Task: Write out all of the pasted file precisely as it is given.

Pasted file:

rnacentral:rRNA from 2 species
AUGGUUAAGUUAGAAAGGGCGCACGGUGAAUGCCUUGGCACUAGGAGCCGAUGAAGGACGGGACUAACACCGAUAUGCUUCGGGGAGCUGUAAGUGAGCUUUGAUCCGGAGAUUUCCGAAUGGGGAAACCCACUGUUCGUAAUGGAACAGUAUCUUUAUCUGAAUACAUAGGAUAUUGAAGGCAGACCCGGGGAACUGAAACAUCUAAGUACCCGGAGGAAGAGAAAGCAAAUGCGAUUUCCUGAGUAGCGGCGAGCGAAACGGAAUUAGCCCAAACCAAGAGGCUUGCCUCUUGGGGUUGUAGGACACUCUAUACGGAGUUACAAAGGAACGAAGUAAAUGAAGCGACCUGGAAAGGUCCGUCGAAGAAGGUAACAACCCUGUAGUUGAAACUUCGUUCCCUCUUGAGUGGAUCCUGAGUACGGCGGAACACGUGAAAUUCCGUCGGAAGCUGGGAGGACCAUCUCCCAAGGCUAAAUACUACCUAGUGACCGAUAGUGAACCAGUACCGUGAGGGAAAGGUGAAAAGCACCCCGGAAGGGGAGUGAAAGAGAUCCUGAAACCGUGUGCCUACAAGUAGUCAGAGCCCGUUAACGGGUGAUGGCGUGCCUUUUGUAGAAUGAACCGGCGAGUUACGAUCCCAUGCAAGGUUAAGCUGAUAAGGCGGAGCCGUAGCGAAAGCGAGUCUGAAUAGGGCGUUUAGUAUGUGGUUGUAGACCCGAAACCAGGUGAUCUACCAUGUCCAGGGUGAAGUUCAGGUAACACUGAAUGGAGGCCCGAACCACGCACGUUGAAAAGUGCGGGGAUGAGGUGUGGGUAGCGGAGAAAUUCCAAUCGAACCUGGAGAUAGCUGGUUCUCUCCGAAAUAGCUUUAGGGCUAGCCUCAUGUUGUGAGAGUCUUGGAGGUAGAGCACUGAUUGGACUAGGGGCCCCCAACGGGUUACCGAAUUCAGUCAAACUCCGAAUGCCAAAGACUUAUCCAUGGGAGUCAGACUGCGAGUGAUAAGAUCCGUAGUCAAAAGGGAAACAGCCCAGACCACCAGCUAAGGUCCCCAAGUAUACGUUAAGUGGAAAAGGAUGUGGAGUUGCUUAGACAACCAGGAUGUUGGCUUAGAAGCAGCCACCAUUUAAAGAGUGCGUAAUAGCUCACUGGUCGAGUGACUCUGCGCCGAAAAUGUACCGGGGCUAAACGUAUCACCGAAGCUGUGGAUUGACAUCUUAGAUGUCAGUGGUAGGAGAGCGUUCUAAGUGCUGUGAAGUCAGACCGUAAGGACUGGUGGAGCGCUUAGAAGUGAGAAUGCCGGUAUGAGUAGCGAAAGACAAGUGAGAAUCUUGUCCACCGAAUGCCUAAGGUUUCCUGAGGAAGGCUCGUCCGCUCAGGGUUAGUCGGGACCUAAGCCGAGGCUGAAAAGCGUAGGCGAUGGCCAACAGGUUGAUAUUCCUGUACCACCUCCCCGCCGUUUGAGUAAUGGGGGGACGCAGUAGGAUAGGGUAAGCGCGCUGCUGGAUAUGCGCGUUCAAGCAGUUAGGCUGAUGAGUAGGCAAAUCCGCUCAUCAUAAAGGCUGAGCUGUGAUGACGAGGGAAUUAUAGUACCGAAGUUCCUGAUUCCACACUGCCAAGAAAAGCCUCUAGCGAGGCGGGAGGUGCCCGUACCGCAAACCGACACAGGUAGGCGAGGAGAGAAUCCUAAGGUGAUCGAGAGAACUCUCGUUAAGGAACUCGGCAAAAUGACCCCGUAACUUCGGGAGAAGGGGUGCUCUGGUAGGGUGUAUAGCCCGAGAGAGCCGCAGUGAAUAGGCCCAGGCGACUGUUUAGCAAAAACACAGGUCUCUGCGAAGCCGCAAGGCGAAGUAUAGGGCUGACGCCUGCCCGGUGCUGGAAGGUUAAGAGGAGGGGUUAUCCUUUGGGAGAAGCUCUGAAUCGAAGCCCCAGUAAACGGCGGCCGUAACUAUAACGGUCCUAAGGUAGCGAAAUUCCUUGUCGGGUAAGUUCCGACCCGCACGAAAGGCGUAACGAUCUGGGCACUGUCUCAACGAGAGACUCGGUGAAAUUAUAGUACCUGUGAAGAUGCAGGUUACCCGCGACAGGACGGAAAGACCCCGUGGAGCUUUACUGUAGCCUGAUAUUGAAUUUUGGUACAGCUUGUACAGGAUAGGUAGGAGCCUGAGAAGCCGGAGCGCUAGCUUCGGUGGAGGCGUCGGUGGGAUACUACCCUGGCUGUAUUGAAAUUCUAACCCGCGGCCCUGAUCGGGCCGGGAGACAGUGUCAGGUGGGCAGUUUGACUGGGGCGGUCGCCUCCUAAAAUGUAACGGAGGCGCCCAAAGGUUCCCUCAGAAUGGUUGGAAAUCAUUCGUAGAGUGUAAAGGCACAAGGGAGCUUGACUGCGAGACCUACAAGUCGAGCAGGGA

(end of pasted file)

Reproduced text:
rnacentral:rRNA from 2 species
AUGGUUAAGUUAGAAAGGGCGCACGGUGAAUGCCUUGGCACUAGGAGCCGAUGAAGGACGGGACUAACACCGAUAUGCUUCGGGGAGCUGUAAGUGAGCUUUGAUCCGGAGAUUUCCGAAUGGGGAAACCCACUGUUCGUAAUGGAACAGUAUCUUUAUCUGAAUACAUAGGAUAUUGAAGGCAGACCCGGGGAACUGAAACAUCUAAGUACCCGGAGGAAGAGAAAGCAAAUGCGAUUUCCUGAGUAGCGGCGAGCGAAACGGAAUUAGCCCAAACCAAGAGGCUUGCCUCUUGGGGUUGUAGGACACUCUAUACGGAGUUACAAAGGAACGAAGUAAAUGAAGCGACCUGGAAAGGUCCGUCGAAGAAGGUAACAACCCUGUAGUUGAAACUUCGUUCCCUCUUGAGUGGAUCCUGAGUACGGCGGAACACGUGAAAUUCCGUCGGAAGCUGGGAGGACCAUCUCCCAAGGCUAAAUACUACCUAGUGACCGAUAGUGAACCAGUACCGUGAGGGAAAGGUGAAAAGCACCCCGGAAGGGGAGUGAAAGAGAUCCUGAAACCGUGUGCCUACAAGUAGUCAGAGCCCGUUAACGGGUGAUGGCGUGCCUUUUGUAGAAUGAACCGGCGAGUUACGAUCCCAUGCAAGGUUAAGCUGAUAAGGCGGAGCCGUAGCGAAAGCGAGUCUGAAUAGGGCGUUUAGUAUGUGGUUGUAGACCCGAAACCAGGUGAUCUACCAUGUCCAGGGUGAAGUUCAGGUAACACUGAAUGGAGGCCCGAACCACGCACGUUGAAAAGUGCGGGGAUGAGGUGUGGGUAGCGGAGAAAUUCCAAUCGAACCUGGAGAUAGCUGGUUCUCUCCGAAAUAGCUUUAGGGCUAGCCUCAUGUUGUGAGAGUCUUGGAGGUAGAGCACUGAUUGGACUAGGGGCCCCCAACGGGUUACCGAAUUCAGUCAAACUCCGAAUGCCAAAGACUUAUCCAUGGGAGUCAGACUGCGAGUGAUAAGAUCCGUAGUCAAAAGGGAAACAGCCCAGACCACCAGCUAAGGUCCCCAAGUAUACGUUAAGUGGAAAAGGAUGUGGAGUUGCUUAGACAACCAGGAUGUUGGCUUAGAAGCAGCCACCAUUUAAAGAGUGCGUAAUAGCUCACUGGUCGAGUGACUCUGCGCCGAAAAUGUACCGGGGCUAAACGUAUCACCGAAGCUGUGGAUUGACAUCUUAGAUGUCAGUGGUAGGAGAGCGUUCUAAGUGCUGUGAAGUCAGACCGUAAGGACUGGUGGAGCGCUUAGAAGUGAGAAUGCCGGUAUGAGUAGCGAAAGACAAGUGAGAAUCUUGUCCACCGAAUGCCUAAGGUUUCCUGAGGAAGGCUCGUCCGCUCAGGGUUAGUCGGGACCUAAGCCGAGGCUGAAAAGCGUAGGCGAUGGCCAACAGGUUGAUAUUCCUGUACCACCUCCCCGCCGUUUGAGUAAUGGGGGGACGCAGUAGGAUAGGGUAAGCGCGCUGCUGGAUAUGCGCGUUCAAGCAGUUAGGCUGAUGAGUAGGCAAAUCCGCUCAUCAUAAAGGCUGAGCUGUGAUGACGAGGGAAUUAUAGUACCGAAGUUCCUGAUUCCACACUGCCAAGAAAAGCCUCUAGCGAGGCGGGAGGUGCCCGUACCGCAAACCGACACAGGUAGGCGAGGAGAGAAUCCUAAGGUGAUCGAGAGAACUCUCGUUAAGGAACUCGGCAAAAUGACCCCGUAACUUCGGGAGAAGGGGUGCUCUGGUAGGGUGUAUAGCCCGAGAGAGCCGCAGUGAAUAGGCCCAGGCGACUGUUUAGCAAAAACACAGGUCUCUGCGAAGCCGCAAGGCGAAGUAUAGGGCUGACGCCUGCCCGGUGCUGGAAGGUUAAGAGGAGGGGUUAUCCUUUGGGAGAAGCUCUGAAUCGAAGCCCCAGUAAACGGCGGCCGUAACUAUAACGGUCCUAAGGUAGCGAAAUUCCUUGUCGGGUAAGUUCCGACCCGCACGAAAGGCGUAACGAUCUGGGCACUGUCUCAACGAGAGACUCGGUGAAAUUAUAGUACCUGUGAAGAUGCAGGUUACCCGCGACAGGACGGAAAGACCCCGUGGAGCUUUACUGUAGCCUGAUAUUGAAUUUUGGUACAGCUUGUACAGGAUAGGUAGGAGCCUGAGAAGCCGGAGCGCUAGCUUCGGUGGAGGCGUCGGUGGGAUACUACCCUGGCUGUAUUGAAAUUCUAACCCGCGGCCCUGAUCGGGCCGGGAGACAGUGUCAGGUGGGCAGUUUGACUGGGGCGGUCGCCUCCUAAAAUGUAACGGAGGCGCCCAAAGGUUCCCUCAGAAUGGUUGGAAAUCAUUCGUAGAGUGUAAAGGCACAAGGGAGCUUGACUGCGAGACCUACAAGUCGAGCAGGGA